The UniBox, with an internal six-axis gyro, nine connectors for extra sensors, plus a place for an RPM wire.
The UniBox enables the use of a variety of sensors, including many that can’t be used with the UniGo alone. However, so many options can often be confusing. To help, we’ve written a short guide on using the UniBox configuration options. Before we begin, however, it is important that users update their devices to the latest firmware, which can be found on the download page.
Getting to know the UniBox
The UniBox consists of nine ports: Temp A, Temp B, Flex A, Flex B, Flex C, Flex D, a Speed and Receiver port, and two expansion ports. The ports take a variety of sensors available from Unipro and Unipro USA. The ports can also be connected to splitters to double the amount of sensors connected to each. In addition to that, the UniBox contains a 3-axis accelerometer, a 3-axis gyroscope, and a place to attach an RPM wire.
The two expansion ports are identical, and are used to either connect the power or connect to another device. You can connect your UniBox to the UniGo with either expansion port. If you own multiple UniBoxes, they can be chained together using the other expansion port. The two temperature ports are also identical to each other, and can be configured to numerous kinds of temperature sensors. Flex ports A through C can connect to any of these sensors:
- Brake/throttle pedal sensor
- Brake pressure sensor
- Steering wheel sensor
- IR Box, with connectors to multiple infrared sensors
- Lambda sensor
- Power valve sensor
Flex D is similar to Flex A, B, and C except that it cannot connect to IR boxes or Lambda sensors. Instead, it connects to a MyLaps X2 Link device, or to a CAN bus.
The UniBox arrives pre-configured, and is ready to be used with your UniGo when it arrives. The default configuration for the UniBox is twelve sensors, set as following:
- RPM input x2 (ready for a two-stroke engine), at 30Hz frequency
- 3 accelerometer sensors, at 30Hz frequency
- 3 gyroscope sensors, at 30 Hz frequency
- Temperature 1 on Temp A, at 10Hz frequency
- Temperature 2 on Temp B, at 30Hz frequency
- Brake Position on Flex A, at 10Hz frequency, set to above the pedal
- Throttle Position on Flex C, at 10Hz frequency, set to above the pedal
When the UniBox is connected to the UniGo, the UniGo will expect data to be received according to the configuration. For example, if the UniBox is configured to receive RPM data, the UniGo will disable its own RPM sensor on the back of the display. Be sure to follow your configuration! On the other hand, nothing bad happens if you configure a sensor that is not plugged in.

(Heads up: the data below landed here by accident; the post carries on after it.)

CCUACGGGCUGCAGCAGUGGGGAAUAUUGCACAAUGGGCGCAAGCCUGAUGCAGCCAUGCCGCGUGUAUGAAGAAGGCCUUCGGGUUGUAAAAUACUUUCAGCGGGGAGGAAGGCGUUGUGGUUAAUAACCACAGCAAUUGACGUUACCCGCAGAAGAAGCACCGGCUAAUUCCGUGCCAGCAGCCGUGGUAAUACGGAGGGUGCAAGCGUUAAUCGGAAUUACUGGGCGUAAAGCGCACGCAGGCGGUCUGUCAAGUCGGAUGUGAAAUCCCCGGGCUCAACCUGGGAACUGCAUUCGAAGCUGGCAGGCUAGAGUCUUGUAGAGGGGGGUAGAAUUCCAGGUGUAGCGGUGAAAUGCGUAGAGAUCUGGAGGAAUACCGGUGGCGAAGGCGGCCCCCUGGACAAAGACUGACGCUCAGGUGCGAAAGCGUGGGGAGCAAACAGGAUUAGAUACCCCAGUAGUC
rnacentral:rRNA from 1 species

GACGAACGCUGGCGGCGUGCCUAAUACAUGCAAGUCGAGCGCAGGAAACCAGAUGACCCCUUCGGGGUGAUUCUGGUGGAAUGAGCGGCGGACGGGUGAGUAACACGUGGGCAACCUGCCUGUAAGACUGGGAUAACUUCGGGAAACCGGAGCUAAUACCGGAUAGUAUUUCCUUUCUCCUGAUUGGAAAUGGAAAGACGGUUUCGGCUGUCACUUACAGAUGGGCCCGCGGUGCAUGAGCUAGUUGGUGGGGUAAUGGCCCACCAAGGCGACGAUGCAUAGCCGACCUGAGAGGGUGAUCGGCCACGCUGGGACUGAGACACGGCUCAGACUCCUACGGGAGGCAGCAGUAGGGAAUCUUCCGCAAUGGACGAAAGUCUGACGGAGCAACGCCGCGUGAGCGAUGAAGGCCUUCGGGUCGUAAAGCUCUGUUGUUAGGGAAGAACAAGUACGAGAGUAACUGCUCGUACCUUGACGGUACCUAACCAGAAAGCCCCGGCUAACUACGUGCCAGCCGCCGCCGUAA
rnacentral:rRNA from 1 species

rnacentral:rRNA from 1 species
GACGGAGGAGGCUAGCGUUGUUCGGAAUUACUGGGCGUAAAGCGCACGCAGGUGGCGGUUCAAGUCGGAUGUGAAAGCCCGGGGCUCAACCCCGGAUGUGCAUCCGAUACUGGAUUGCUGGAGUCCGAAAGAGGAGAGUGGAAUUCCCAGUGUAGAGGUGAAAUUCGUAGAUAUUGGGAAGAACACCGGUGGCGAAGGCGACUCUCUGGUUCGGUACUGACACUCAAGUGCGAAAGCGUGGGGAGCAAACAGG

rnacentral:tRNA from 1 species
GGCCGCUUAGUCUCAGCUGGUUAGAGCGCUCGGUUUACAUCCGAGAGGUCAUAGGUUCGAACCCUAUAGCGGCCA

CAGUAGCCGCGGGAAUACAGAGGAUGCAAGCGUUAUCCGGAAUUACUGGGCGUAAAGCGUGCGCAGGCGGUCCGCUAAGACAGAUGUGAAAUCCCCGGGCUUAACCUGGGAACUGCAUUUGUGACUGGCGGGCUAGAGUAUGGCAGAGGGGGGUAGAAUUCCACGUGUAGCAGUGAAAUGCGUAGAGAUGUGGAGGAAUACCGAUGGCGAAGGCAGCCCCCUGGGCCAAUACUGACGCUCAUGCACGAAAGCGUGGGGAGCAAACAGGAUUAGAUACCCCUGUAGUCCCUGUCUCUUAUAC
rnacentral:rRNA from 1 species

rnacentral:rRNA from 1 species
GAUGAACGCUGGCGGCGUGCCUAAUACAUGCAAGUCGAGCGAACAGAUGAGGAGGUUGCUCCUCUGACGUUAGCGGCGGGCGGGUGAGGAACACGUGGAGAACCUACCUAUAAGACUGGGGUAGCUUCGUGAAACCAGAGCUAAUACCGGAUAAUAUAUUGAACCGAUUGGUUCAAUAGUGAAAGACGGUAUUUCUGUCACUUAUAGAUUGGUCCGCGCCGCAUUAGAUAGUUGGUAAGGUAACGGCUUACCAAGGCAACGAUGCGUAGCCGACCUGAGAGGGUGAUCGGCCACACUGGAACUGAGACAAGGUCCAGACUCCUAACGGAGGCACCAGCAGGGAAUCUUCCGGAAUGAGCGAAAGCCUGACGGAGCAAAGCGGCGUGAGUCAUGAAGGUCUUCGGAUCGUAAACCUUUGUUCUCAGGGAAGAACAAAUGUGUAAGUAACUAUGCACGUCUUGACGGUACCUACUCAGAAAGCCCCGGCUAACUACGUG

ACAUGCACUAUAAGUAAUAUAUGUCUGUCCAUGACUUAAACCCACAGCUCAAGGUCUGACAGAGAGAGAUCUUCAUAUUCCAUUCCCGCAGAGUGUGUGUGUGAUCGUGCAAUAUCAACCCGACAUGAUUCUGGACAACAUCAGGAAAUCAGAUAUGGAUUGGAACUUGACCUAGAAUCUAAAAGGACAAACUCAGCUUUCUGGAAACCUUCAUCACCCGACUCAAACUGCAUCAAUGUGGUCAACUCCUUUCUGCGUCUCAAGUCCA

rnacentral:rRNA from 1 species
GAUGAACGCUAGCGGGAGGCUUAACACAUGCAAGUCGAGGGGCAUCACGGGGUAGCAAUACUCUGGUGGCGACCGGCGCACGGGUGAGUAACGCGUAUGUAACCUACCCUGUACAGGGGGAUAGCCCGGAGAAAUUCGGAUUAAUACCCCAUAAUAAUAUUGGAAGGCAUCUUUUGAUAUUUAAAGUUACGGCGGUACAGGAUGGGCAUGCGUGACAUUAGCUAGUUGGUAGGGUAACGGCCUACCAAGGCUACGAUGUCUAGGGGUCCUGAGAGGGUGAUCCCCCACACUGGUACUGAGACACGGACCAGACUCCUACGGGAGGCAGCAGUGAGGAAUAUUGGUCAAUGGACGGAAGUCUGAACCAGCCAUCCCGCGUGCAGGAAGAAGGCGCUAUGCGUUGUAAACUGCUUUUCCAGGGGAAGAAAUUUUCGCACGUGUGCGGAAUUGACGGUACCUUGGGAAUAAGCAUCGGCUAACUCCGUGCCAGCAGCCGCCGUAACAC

If the default configuration is not how you would prefer to connect your sensors, the next step is to customize your configuration.
Changing the UniBox configuration is easy. You can configure the device with either a USB cable or a UniKey. If using a USB cable, connect your UniGo to your computer as you would when importing data. Within the Off Camber Data program, select the UniGo/UniBox Configuration menu. From there, select the UniBox tab. Here you can add either a standard configuration to work with every UniBox the UniGo is connected to, or specify a UniBox serial number. Then click the “12 sensors configured” button to open the configuration window. Here is an example of the window, set to the default configuration:
In this window, select the input port you’d like to configure, choose a sensor type (or optionally, add a splitter) and select a sampling rate. After you’ve set the configuration as you’d like, make sure to click OK and close out of the window to save the configuration. If you are using a USB cable, you’re all set! Connect your UniBox and your sensors to match your configuration, and connect it to your UniGo. If you are using the UniGo USB Key, you will need to transfer the settings to your UniGo by connecting it and selecting Restore Global Settings in the USB menu.
To check your configuration on the UniGo, the Info menu on the UniGo has a selection for external boxes. Select this option to view your current configuration, as well as see live data for each connected sensor.